Institutions like MoMA not only hold artworks that trigger our memories, they also relay narratives of artistic, social, political, and economic histories through their work. Who and what appears in these narratives, and who and what is absent, is not only an indication of the biases held by the museum (its founding principles, workers, board, etc) but also those of larger society. Therefore, I thought it was noteworthy in February 2019, that when MoMA announced its plans to expand, their focus was specifically on highlighting women and people of color in their forthcoming collection redux, and it made me hopeful for necessary revisions, particularly in this historical moment when societal shifts feel so possible and yet simultaneously so unlikely (e.g. Alexandria Ocasio Cortez is a member of Congress while Trump remains President).
This is why MoMA’s reinstallation of its permanent collection is significant, and why it still has a way to travel. Recently, I’ve been reading Ariella Azoulay’s latest book, Potential Histories, Unlearning Imperialism, and one particularly urgent idea discussed at length, regarding unlearning, seems to be budding in MoMA’s reinstallation. Azoulay speaks about the technologies of imperialism as those that operate via categorization and the constant reinforcement of a linear progression of time, limiting the ways anyone or anything may be perceived beyond its defined frameworks. Resisting these categories as well as the pressure of the forward progress of modernism, Azoulay suggests, can be a mode of unlearning imperialism, and the museum is as apt a location as any to attempt this work.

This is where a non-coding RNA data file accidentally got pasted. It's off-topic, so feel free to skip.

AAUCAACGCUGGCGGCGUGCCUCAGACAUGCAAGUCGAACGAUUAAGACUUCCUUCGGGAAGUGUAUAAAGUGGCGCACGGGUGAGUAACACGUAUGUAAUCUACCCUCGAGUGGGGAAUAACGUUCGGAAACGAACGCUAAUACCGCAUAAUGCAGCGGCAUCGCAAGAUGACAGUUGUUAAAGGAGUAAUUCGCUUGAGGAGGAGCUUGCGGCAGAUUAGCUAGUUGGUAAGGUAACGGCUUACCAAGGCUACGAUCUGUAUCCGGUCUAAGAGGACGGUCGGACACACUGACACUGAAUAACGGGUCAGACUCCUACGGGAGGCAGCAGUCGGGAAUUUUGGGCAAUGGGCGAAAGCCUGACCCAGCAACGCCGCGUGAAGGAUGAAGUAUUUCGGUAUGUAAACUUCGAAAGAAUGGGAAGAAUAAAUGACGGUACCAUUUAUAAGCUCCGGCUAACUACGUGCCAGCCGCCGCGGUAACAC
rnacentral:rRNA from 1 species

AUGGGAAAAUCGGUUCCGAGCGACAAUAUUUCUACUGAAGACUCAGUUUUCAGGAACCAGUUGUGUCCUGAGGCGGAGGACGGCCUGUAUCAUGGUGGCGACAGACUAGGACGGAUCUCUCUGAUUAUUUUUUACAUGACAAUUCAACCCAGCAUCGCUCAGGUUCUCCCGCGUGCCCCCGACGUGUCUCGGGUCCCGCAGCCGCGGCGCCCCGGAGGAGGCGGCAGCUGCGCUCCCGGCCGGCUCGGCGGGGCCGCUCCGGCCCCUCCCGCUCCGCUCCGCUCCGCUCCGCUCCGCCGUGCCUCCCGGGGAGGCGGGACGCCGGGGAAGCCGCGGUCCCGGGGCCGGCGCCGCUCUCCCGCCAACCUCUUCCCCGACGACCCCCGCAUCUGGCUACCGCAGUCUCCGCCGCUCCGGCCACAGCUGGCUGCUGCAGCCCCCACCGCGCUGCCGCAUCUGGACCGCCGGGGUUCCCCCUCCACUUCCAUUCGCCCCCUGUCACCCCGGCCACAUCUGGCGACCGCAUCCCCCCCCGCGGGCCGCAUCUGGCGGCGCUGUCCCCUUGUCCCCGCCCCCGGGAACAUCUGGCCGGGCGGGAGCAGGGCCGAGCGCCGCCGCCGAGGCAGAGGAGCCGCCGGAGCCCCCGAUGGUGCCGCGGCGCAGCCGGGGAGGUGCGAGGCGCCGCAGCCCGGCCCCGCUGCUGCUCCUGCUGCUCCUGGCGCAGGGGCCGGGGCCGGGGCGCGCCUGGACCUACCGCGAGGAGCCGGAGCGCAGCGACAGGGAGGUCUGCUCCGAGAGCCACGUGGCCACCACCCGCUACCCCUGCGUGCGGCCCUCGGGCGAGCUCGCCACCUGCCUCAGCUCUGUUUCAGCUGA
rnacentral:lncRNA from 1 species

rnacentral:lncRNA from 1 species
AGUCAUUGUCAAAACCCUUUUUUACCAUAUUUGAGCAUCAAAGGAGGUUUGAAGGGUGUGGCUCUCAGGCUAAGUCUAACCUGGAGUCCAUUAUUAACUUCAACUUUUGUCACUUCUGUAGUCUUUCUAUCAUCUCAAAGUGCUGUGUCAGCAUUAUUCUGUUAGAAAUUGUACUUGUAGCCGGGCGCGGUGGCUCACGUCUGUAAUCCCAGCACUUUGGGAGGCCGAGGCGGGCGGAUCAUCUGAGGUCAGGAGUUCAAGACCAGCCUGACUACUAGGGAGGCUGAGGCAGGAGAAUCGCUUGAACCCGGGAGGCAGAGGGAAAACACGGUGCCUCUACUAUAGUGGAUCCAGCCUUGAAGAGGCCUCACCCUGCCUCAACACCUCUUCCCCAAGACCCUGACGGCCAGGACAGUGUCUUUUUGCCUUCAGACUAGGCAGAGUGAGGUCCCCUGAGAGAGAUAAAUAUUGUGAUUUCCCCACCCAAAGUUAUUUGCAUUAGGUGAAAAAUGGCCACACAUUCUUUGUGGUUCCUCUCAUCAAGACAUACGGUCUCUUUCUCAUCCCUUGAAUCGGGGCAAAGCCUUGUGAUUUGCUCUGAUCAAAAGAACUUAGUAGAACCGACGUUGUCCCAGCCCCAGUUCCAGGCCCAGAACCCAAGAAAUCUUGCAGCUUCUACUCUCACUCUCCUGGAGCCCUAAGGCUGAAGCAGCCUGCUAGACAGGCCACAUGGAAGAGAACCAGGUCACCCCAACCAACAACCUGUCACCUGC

Over the course of multiple visits, I started to find my way around MoMA’s new permanent collection galleries, getting a sense of the flow and ideas at work in the process. It will take many more visits to unearth the unanticipated narratives that might emerge over time, however, even during these hours, there were moments when I delved more deeply into the spaces in which I found myself, captivated by the sheer gorgeousness of what appeared before me. Yet, there were others when I could not work out why objects were arranged the way they were. Mostly, the experience is one that builds on the depth and range of the collection, particularly by remixing materials, breaking down departmental divisions, and seeking both classical and unexpected entry-points to beloved objects, with hints of the energies of the forthcoming generation of MoMA curators and what they might have in store………………